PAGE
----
Stuffed (11)

By: Tom Nealon
April 19, 2016


One in a popular series of posts by Tom Nealon, author of the forthcoming Food Fights and Culture Wars: A Secret History of Taste (British Library Publishing, September 2016). STUFFED is inspired by Nealon’s collection of rare cookbooks, which he sells — among other things — via Pazzo Books.




Modernist cuisine, or whatever you want to call current haute cuisine of the molecular variety, is, like all food for the elite, engaged in a complicated game of subterfuge. The current aim, insofar as it can be reduced and generalized, seems to be for the food to look like itself only better and more photogenic. Leeks, even if they’ve been reduced to a foam and reconstituted, should look like they made a rapid, but gentle, journey from farm to saute pan to table; the pork belly, even if just freshly emerged from a centrifuge, like it was humanely killed after a quick frolic in the barnyard, possibly by a quick thrust of a unicorn horn or a gentle smothering in kale. A sort of culinary naturalism, aided by high tech. Centuries ago, however, illusions were a little more elaborate.

Entremets, in the original sense of something in between courses that led from the roast to the dessert, were a fixture on the high table from the middle ages until the Industrial Revolution. They took many forms – some borrowed from earlier cultures, like the illusion foods of the Romans who would, for example, stuff a hog with thrushes, paunches, fig-peckers, eggs, oysters and periwinkles — many invented for this purpose. Delicate meat aspics, peacocks skinned and dressed back in their feathers, fruit doppelgangers made from sugar, meat or marzipan, and over the top hallucinations like the half chicken half pig cockatrice or the Coqz Heaumez, the helmeted pig riding cock, appeared alongside non-food related intermezzos, entertainments meant to bemuse and distract while the next courses were prepared.


What made the elaborate entremets of the middle ages possible was the vast income disparities between lord and peasant. Because the gulf between the haves and have nots was so very large, labor was ludicrously cheap — having the help boil bones all day for aspics and puddings, skin peacocks, sew together small farm animals and perform the funny bits from morality plays every time you had a hankering to have some friends over for dinner was no problem at all. They were ostentatious, obnoxious, elitist and, like the pyramids, or the Great Wall of China or other massive projects that relied on the confluence of the hugely rich and the abysmally poor, inspiring and sublime and terrible. Like today where Bushwick barbecues feature pork shoulders and oxtails, often the food of the poor was repurposed in elaborate presentations so ironic that there ought to be another word for it. Aspic, once a clever method for people staving off protein deficiency to wring every last bit of nourishment from animal bones, was turned into glittering illusions. One mid 16th century German recipe describes a two-tone carp aspic (what the French call poisson en gelée — a close relative of gefilte fish) poured twice (for the two different color aspics, brown and white) into wagon wheel moulds with trout sticking out of them that are then affixed to a (presumably miniature) wagon as an attractive centerpiece. In a world of scarcity, these illusion foods mocked food shortages , mocked and angered the poor, and inspired the thin slice of people in between to reach for something more.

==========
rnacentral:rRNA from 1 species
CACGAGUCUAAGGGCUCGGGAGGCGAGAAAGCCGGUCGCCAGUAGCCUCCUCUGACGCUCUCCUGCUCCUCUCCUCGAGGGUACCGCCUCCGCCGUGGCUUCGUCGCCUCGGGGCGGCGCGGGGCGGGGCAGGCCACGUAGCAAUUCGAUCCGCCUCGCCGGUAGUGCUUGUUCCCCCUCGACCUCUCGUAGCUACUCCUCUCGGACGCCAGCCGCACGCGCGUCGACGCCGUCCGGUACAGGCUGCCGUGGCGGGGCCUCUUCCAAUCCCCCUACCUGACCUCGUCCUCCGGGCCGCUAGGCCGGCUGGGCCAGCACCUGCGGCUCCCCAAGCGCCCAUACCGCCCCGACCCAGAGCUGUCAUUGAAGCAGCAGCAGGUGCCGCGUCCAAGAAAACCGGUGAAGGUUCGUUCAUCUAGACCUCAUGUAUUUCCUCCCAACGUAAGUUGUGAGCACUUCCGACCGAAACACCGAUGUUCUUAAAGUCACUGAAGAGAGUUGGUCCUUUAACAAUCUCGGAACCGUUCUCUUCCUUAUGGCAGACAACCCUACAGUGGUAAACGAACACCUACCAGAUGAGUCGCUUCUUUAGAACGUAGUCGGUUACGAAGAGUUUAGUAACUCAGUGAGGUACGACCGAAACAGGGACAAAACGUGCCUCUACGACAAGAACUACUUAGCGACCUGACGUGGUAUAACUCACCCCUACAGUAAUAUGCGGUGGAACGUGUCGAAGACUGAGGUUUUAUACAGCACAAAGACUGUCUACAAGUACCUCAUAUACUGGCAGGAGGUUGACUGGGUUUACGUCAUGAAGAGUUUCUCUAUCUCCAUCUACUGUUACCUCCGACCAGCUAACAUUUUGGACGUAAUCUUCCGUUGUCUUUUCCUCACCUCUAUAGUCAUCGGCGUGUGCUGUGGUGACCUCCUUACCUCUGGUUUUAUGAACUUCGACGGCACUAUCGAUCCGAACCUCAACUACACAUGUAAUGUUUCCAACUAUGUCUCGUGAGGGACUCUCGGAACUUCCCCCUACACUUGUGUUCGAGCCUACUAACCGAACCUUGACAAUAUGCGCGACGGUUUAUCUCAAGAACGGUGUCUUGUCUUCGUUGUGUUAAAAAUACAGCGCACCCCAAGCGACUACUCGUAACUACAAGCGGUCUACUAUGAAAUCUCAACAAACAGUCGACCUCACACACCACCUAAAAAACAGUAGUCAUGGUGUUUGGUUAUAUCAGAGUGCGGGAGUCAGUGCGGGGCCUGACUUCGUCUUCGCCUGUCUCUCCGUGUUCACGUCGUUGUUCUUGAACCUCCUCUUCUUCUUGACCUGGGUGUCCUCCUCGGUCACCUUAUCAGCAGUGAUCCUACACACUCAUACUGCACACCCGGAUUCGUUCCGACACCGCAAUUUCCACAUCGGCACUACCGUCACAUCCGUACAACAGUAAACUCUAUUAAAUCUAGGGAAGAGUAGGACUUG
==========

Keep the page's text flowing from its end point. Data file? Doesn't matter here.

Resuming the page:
The result of all of this anger and aspiring was the Renaissance and Enlightenment as a middle class formed and, eventually, monarchies were overthrown, usually violently. Along the way were scattered fancy but approachable recipes like Menon’s pumpkin (1755), which is hollowed out to hold pumpkin soup and then glazed with saffron tinged meringue so that it resembles a… pumpkin; or Grimod de la Reyniere’s famous rôti sans pareil, 17 birds stuffed one inside the next with an olive stuffed with an anchovy stuffed with a caper at the center written while the French Revolution still struggled to resolve itself. You can mock the poor and you can starve the poor, but mocking them with their starvation proved a step too far. The cookery that formed in the wake of all this excess, though, provided the foundation for modern cookery and most of what we think of as haute cuisine. Beginning with La Varenne’s Cuisinier François (1651), fancy cookery started to become more about science and artistry than manpower. A modular and exquisite sort of upper class cookery emerged that was just as elaborate and almost as elitist as its predecessor, but reachable by anyone with some money, not just landowners with armies of servants.

La Varenne’s cookery led, with many twists and turns, to the Western haute cuisine that held thrall from the mid 19th century until very recently. Somewhere in between the fall of the Berlin Wall and the bursting of the tech bubble, a new sort of high end cuisine took hold. It incorporated elements of past cuisines — the showy minimalism of nouvelle cuisine (which it was sneakily replacing), the POW of cuisine classique, the playfulness of medieval illusion foods, all mixed together with the latest in scientific cookery and obsession with local ingredients. The science, of course, is nothing entirely new — every age has had its infatuation with new cooking technologies, whether it is the fork, the plate, enlightenment chemistry, chafing dishes, refrigeration, or microwaves. But this was something on a different scale. In addition to new cooking devices like sous-vide cookers, this cuisine was using actual scientific equipment — equipment that was so prohibitively expensive that it is as impossible to replicate in a normal home as 14th century royal feasts once were.